|Publication number||US5271381 A|
|Application number||US 07/793,630|
|Publication date||Dec 21, 1993|
|Filing date||Nov 18, 1991|
|Priority date||Nov 18, 1991|
|Publication number||07793630, 793630, US 5271381 A, US 5271381A, US-A-5271381, US5271381 A, US5271381A|
|Inventors||Robert E. Ailinger, James J. Frassica, Robert J. Herrington|
|Original Assignee||Vision Sciences, Inc.|
|Export Citation||BiBTeX, EndNote, RefMan|
|Patent Citations (8), Referenced by (169), Classifications (8), Legal Events (9)|
|External Links: USPTO, USPTO Assignment, Espacenet|
This invention is related to the bending section of an endoscope and, more particularly, to the shape of an individual vertebra in the bending section of an endoscope.
An endoscope includes a handle and an insertion tube for inserting into a patient to perform diagnostic and therapeutic procedures. The insertion tube of the endoscope generally includes a bending section near the distal tip so that the orientation and position of the distal tip is steerable by a physician.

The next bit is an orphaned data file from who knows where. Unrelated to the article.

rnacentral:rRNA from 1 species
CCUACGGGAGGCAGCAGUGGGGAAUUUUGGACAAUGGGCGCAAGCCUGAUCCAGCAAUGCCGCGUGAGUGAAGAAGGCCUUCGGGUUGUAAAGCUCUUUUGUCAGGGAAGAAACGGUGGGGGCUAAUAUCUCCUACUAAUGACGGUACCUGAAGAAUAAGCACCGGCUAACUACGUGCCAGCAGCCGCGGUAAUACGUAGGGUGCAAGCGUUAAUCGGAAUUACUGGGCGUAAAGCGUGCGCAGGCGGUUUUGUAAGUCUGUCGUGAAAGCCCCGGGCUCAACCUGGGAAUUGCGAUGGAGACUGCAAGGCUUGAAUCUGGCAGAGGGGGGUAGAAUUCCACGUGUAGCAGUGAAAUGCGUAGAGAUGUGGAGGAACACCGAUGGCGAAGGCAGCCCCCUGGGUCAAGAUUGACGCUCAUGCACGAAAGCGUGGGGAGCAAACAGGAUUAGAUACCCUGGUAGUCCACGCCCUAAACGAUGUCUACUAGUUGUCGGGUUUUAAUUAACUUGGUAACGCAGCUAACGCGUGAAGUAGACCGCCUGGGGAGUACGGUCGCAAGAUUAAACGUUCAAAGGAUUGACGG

The bending section of the endoscope must be sufficiently controllable and flexible that the physician can position the tip in any necessary location within the body cavity being examined. For most endoscopes, the tip must be able to perform a 180° turn in any direction. In some types of endoscopes, the tip need turn only in a left or right direction to provide the control required by the physician.
There are many different structures which can be used in constructing the bending section of an endoscope. One structure, as described in U.S. Pat. No. 3,739,770, utilized two helically wound metal strips, one of which loosely surrounds the other. The bending section is controllably steered by at least one cable extending through the tube and connecting to a control mechanism in the housing of the endoscope.